Another article reporting on efforts at developing renewable energy, and another crop of shrill, predictable diatribes from the anti-renewables group and Professor Anthony Trewavas (21 January).
The gist of their arguments seems to be that the current costs and unproven technologies of renewables should not even be tried and those existing installations should be removed.
Instead, we should continue to use technologies which, while cheap and available now, absolutely will not be so in a short period of time in terms of human history.
The short-sightedness and selfishness of supposedly learned men who think only of their personal financial position is depressing.
Professor Trewavas goes on to suggest that we “forget about ‘green’ and ‘clean’ until the rest of the world agrees”.
Using the logic that holding a minority view and doing nothing until the majority agree, presumably means that he feels that democracy is a daft idea, as any persons view, represented as a single vote, is inconsequential and therefore you should not bother.
Congratulations for publishing the letters from Professors Trewavas and Ponton concerning the power potential of the tidal race in the Pentland Firth.
It was extremely refreshing to read – for a change – facts. It made a great change from reading the ramblings of the green lobby, the misunderstandings of the journalists and the deliberate misrepresentations by Nationalist politicians.
Perhaps I can point out a few more things that never seem to be mentioned.
Professor Trewavas mentions cost of energy, but what do we mean by energy? All of the talk about renewable energy involves electricity – and the need to avoid gas.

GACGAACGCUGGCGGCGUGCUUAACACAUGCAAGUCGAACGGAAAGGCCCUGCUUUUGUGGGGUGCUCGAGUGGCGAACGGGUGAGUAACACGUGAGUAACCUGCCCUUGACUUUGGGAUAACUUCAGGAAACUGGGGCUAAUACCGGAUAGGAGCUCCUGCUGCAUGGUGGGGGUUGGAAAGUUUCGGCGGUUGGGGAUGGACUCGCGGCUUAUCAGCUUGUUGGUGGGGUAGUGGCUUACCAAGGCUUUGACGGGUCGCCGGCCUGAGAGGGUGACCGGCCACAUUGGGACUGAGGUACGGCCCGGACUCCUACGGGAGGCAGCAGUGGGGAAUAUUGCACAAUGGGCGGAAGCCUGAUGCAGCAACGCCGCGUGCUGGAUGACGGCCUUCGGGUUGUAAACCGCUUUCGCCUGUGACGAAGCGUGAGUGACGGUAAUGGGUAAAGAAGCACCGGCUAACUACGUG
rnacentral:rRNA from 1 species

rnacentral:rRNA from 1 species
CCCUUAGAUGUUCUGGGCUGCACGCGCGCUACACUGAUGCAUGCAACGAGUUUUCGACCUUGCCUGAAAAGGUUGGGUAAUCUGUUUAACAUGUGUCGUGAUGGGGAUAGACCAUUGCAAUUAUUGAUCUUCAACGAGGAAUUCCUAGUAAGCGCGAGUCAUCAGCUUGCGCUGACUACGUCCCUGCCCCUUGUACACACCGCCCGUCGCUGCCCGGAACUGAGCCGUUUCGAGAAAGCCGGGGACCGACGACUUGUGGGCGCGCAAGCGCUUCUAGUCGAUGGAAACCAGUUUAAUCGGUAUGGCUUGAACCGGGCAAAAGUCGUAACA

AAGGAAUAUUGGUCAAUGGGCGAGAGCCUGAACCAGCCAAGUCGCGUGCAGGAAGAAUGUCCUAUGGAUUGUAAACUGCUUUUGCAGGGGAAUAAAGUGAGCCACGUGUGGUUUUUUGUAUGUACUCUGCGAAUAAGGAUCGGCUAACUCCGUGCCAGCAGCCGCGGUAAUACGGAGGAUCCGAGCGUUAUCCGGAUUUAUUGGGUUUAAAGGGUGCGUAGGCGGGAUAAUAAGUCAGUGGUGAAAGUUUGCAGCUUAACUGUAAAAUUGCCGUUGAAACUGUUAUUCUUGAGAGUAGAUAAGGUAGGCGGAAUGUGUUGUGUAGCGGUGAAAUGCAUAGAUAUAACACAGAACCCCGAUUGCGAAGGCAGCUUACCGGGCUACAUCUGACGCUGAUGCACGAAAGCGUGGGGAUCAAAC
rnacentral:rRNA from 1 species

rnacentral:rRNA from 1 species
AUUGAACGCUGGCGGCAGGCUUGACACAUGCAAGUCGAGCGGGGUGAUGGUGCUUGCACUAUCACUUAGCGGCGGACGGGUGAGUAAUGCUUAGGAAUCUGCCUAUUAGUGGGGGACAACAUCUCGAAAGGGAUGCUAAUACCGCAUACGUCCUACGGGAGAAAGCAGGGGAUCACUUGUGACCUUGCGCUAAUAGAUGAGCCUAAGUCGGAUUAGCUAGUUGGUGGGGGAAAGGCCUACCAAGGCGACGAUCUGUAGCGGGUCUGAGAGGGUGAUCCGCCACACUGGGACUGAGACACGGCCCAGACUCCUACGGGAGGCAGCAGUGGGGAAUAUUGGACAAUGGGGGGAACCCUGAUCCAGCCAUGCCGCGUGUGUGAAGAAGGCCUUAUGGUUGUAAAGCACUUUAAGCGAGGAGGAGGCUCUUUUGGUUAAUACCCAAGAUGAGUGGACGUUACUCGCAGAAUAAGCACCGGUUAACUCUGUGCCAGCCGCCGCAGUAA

But how many of us have looked at the relative costs? A typical cost for gas is about 3p per kilowatt hour. For electricity a kilowatt hour will cost about 15p.
Gas is less efficient for domestic heating than electricity, but even so, heating the home would cost about three or four times more if we were to rely on electricity rather than on gas.
Another point to remember is that modern living relies hugely on chemicals; life would be very different without them.
And what is probably the most common starting chemical? Yes, gas.
So when the politicians tell us that the future lies with renewable electricity and not with (possibly fracked) natural gas remember they are not comparing like with like and they are implying much higher cost of living.
I would love to know if anyone has ever come across a person who has had their mind changed on the subject of climate change and renewable energy thanks to the strong views of somebody else.
When it comes to topics such as fracking and wind farms, people seem more inclined to shout their views than to listen to anyone else’s.